The thing that connects us more than anything else in this world is the love we feel for the people closest to us, so though I can’t bring myself to mourn the men themselves, I can empathize with those around them that saw a person they loved suffer, who will carry fond memories and what ifs for as long as they live. That is a difficult thing to do, no matter who you’re mourning.

But a free society must allow people to feel what they feel, and share those feelings in however way they see fit (so long as it is legal, of course). You can’t force someone to be sad for your loved ones just as they can’t force you to be sad for theirs. Personal memories of someone do not make the whole of that person. To mandate that people only speak well of the dead is to do a disservice to the complexity of that person, to the people left behind to deal with and understand that person’s legacy, and to history, which must remember things as they truly happened, rather than the sanitized way it is often recorded.

Our future relies on our ability to walk that fine line because our freedoms only matter if they’re present across the board, not just when we like it.

 

Where are the interracial relationships on TV?

As a devoted TV lover, I consume immensely unhealthy amounts of TV. In the past couple of years, I’ve been thrilled to see interracial couples appear on TV, especially when not even ten years ago Will Smith couldn’t bang a white woman on the silver screen because apparently audiences weren’t ready for it.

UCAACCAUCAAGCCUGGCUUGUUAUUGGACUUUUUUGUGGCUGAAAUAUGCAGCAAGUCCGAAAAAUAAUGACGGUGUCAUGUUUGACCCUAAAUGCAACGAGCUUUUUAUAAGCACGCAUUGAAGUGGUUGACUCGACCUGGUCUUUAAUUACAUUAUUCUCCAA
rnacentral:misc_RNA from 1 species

Unfortunately, it hasn’t been the awakening I’ve been hoping for. With a precious few exceptions, the majority of interracial couplings on TV are a stepping stone, temps, or ways of showing off how totally not racist a character is by introducing an ex that isn’t white.

Is that progress? Well, at least they’re showing up at all now, so that’s something. There are now couples like Captain Holt and Kevin on Brooklyn 99, Jane and Brad from Happy Endings, Jasmine and Crosby from Parenthood, even Ricky and Lucy from I Love Lucy.

Meanwhile, the majority still fall into the former category. People are fawning over Jessica Jones and Luke Cage (who make an awesome duo), but with Cage getting his own show, we know there is nothing long term in store for those 2. Then there are shows like Scandal and Community that will just rotate love interests as often as a pair of socks, so any pairing is temporary. Unsurprisingly, shows featuring people of colour prominently seem better able to manage the mind blowing possibility of people of different heritages finding common ground.

I guess my issue with this is the implicit insinuation that interracial relationships are a phase. The white girl brings home a black man to scare her parents type thing. As if it can never be the end game, just a stepping stone to the real deal when she grows up and marries an accountant of the same faith and skin colour.

I think this is what people mean about not seeing themselves on the screen. It’s a bit like being told by a close family member (and who doesn’t feel that way about TV?) that your choices are invalid, that who they are is invalid.

And that sucks, because love is colour blind.

Well, time for some re-watching.

Soulmates don’t exist, and other good news

I have great news. Virtually every relationship portrayed in the media is terrible. Why is this great news? Easy – that takes away all the pressure of trying to make yours look like them.

Here are some common myths about relationships we see in movies, TV, video games, comics, etc and why it’s awesome that they’re not true.

Continue reading “Soulmates don’t exist, and other good news”